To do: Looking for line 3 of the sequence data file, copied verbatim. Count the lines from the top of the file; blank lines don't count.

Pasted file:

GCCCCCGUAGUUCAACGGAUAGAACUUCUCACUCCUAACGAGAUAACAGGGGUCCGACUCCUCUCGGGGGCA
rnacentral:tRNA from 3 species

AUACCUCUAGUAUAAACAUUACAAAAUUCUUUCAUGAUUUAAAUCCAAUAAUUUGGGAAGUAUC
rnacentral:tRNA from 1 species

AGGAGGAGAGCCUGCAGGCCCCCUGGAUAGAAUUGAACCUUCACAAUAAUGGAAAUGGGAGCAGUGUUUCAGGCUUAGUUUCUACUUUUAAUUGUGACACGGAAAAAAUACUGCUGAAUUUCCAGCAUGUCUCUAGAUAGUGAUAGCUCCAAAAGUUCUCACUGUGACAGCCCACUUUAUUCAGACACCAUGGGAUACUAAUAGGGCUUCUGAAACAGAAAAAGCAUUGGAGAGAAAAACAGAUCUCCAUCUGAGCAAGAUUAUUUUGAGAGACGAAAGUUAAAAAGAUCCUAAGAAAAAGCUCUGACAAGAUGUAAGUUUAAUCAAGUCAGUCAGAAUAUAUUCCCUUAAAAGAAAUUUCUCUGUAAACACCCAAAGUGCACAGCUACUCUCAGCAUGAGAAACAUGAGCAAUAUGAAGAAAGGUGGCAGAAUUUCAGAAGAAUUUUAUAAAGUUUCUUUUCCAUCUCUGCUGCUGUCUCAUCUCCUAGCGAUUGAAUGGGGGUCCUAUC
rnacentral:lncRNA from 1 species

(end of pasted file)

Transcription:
AUACCUCUAGUAUAAACAUUACAAAAUUCUUUCAUGAUUUAAAUCCAAUAAUUUGGGAAGUAUC